The Democratic Republic of Congo opposition leader Moise Katumbi on Thursday warned President Joseph Kabila risked plunging the country into an "even worse crisis" by letting doubt linger over when he will step down.
Kabila, who has been in power since 2001, is widely believed to be considering casting aside the constitution to take a third term in office after his tenure expires at the end of the year.
In a speech to mark DR Congo's independence day this week, the president gave no hint that he would depart on December 19, declaring only that: "Nothing can stop the passage of future elections."
"This missed opportunity, and the uncertainty sustained by (Kabila's) speech risk instead plunging the country into even deeper crisis," said Katumbi, who came second to the president in 2011 polls that were marred by fraud.
DR Congo has been in political crisis since then, but tensions have bubbled over into deadly unrest in recent months as fears have grown the 44-year-old president would hold onto power.
Tensions rose further when the country's Constitutional Court ruled in May that Kabila could remain in a caretaker capacity beyond December until elections are held.
Kabila's supporters want elections, due later this year, to be delayed for two to four years. No date has yet been set for the polls.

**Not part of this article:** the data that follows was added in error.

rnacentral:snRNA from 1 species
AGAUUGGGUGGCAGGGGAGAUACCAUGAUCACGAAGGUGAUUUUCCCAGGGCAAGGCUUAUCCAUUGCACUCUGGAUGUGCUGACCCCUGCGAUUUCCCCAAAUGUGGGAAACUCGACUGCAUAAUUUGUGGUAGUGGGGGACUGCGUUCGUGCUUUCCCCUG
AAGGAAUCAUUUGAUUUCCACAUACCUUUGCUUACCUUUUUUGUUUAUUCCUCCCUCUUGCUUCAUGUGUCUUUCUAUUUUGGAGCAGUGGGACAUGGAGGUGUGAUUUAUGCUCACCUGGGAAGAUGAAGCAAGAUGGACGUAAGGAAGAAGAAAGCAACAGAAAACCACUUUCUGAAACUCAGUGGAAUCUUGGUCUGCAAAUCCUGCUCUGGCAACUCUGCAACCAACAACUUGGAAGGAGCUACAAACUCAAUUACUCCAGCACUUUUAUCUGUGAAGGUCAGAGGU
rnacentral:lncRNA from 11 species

Last month, opposition parties forged an alliance to demand Kabila quit his post in December, warning that him staying on would be tantamount to a "constitutional coup d'etat".
Katumbi was an ally of Kabila for a decade but quit the ruling party in September over the president's plans to split several provinces into four separate entities.
The football magnate then left the country on May 20, a day after the government announced he would be tried for endangering state security.
In June, he was sentenced to three years in jail last month over a real estate dispute, effectively making him ineligible to stand in any elections held this year.
Kabila said in a statement the charges were trumped up, and created to "prevent me standing for president".
"Neither the sentences, nor the harassment to which I have been subject, or the physical violence, can shake our determination," he said. "On December 20, 2016, Joseph Kabila will no longer lead the DRC".